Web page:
Wow... as I type it's 100°F and climbing and the forecast is even hotter tomorrow... My home office feels more like a place to bake cookies than make photos. The chickens are miserable, standing around under the deck panting. I gave them some ice water and some frozen blueberries, but they still look very unhappy. And poor Delilah is molting... although, losing some feathers in this weather doesn't sound so bad. Chickens are notoriously grumpy when they are molting, and she's gone from the friendliest to down right mean. I tell her it will be over soon, but she looks at me incredulously, then tries to take a piece out of my hand. Poor girl.
I'm sure the tomatoes and peppers are enjoying this, though. The rest of us will just have to lay low [like in the basement...] and wait it out. And probably watch a lot of movies.
Tuesday, August 12, 2008
We were out of town this past week, enjoying the wonderful company of some old friends, and a few new ones, in Newport Beach, just south of Los Angeles, California. We attended the wedding Jeff and Nicole at a local boat "clubhouse" - really a very cool hotel and convention center along a marina. Their ceremony reminded us very much of our own, and their live singer and DJ were very cool indeed.
For the rest of the weekend, we visited some friends from up here in Oregon also traveling, another friend who recently re-located to LA [again] and hung out around the beach where we were staying. The beach was crowded but beautiful, clear and warm. We met a sea lion swimming by the pier, watched the surfing and ate some fish. Very fun!
As well as peppers, we've have Swiss Chard, Blue Lake Bush Beans and Snow Peas growing in the box, all planted in various phases so that we can harvest them in succession. This means that when the peppers are done, the peas will have more sun. As you can see, the bean plants are getting quite large. As we eat the chard the beans will get more sun to make more beans. Also, the shade the chard receives right now keeps it cooler in the sun, keeping it from bolting and extending the harvest.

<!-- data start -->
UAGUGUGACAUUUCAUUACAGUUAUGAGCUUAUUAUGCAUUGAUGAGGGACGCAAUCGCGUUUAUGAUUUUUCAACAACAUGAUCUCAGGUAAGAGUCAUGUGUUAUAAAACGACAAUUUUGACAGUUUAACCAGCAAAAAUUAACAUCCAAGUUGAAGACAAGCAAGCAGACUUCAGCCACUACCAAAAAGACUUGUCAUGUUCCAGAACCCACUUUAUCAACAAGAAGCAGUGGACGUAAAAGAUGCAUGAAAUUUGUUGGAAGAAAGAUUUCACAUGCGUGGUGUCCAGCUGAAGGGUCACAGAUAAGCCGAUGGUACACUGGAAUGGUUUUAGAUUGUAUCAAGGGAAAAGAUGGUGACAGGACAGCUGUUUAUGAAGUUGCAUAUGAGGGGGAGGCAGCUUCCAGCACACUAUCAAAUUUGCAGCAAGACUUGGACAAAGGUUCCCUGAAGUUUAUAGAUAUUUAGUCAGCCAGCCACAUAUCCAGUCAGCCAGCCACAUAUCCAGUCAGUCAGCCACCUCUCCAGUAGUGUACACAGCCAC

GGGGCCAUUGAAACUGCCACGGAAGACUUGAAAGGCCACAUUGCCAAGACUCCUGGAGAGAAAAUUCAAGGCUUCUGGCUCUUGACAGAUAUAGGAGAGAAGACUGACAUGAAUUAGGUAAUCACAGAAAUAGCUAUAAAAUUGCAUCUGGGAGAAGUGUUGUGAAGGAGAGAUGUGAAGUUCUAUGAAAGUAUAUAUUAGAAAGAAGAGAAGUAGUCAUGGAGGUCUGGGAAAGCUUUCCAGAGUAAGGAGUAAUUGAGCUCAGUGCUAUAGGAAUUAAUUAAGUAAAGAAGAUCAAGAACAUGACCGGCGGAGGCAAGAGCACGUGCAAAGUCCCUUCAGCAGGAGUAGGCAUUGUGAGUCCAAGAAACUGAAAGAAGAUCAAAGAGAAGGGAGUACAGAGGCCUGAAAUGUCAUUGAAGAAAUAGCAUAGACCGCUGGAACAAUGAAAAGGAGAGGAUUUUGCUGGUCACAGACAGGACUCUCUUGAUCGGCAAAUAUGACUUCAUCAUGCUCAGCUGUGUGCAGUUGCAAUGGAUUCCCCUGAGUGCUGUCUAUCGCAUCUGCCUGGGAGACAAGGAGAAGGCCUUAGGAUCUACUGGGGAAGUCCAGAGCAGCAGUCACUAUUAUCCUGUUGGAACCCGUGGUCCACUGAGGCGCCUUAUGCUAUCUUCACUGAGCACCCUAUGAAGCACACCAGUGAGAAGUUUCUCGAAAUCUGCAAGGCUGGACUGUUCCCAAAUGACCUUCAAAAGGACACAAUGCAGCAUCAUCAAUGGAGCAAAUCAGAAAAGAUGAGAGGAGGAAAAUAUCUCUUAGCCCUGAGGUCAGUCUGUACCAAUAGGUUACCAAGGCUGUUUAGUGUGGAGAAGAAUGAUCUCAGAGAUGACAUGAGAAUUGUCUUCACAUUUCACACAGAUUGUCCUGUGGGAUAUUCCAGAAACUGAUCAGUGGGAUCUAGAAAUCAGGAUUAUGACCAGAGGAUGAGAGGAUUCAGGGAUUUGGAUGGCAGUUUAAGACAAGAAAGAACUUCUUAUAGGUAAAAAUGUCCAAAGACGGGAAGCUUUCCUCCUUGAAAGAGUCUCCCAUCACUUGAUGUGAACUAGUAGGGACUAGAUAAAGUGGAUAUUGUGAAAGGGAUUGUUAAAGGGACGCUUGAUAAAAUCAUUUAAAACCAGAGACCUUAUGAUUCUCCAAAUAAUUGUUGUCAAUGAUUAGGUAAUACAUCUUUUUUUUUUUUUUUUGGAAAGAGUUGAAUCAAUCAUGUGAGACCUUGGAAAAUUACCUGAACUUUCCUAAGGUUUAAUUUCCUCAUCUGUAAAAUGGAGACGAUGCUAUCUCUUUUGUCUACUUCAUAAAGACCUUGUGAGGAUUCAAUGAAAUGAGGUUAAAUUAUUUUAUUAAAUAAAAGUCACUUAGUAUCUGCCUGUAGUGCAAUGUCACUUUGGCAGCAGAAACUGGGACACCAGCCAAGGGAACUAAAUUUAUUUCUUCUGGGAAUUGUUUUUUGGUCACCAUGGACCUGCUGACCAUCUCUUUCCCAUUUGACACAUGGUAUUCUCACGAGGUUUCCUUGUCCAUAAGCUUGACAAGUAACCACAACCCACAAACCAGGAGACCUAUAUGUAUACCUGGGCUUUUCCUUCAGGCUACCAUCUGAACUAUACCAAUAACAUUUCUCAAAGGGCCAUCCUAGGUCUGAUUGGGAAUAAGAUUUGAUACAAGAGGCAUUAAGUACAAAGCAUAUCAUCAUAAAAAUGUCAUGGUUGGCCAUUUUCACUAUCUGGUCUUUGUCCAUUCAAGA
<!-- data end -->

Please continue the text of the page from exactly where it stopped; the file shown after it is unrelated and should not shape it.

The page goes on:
It's been a fun little mini-garden to watch. Hanmi has been diligently removing the nasty bugs and giving a good watering every other morning or so. I think we'll create 1 new garden box each year and try different things. Today we saw someone growing corn in theirs! Last year's box is overflowing with pumpkins and soy beans. Yummy fun arrives in October.
Wednesday, August 06, 2008
Wednesday, July 30, 2008
Our trip was short by most standards, so we decided to hit a large adventure our first day our. With a team of three, we had to be mindful of the time out, but the peak was less important than simply all getting a chance to climb exciting rock. With that "The Ultimate Everything" delivers! All moderate grades and quite wild and bushy.
We began on a popular route on "The Apron" called Deidre, which was 5 pitches of wonderful low-angle slab and small cracks. We hit it early (about 7AM) and were the first team out. Eventually we saw more folks, but for such a popular climb it was nice to be climbing alone as a team.
Our team consisted of myself, my wife Hanmi and our friend Christine. Christine's been visiting Squamish for many summers, so we skipped the typical hunt-and-peck for the route starts. The base of many climbs is an exercise in finding an elusive trail or choosing the right path among too many. Also, the starts of the routes we hit were actually up the wall a bit, requiring us to scramble before beginning.
Once up above the traffic, the sky was a mixture of hot sun, cool breezes and hazy horizons. The weather is typically variable and occasional rain can be expected all summer long. Except for the shuffling of jackets and hat on or off, we were pretty comfortable all day.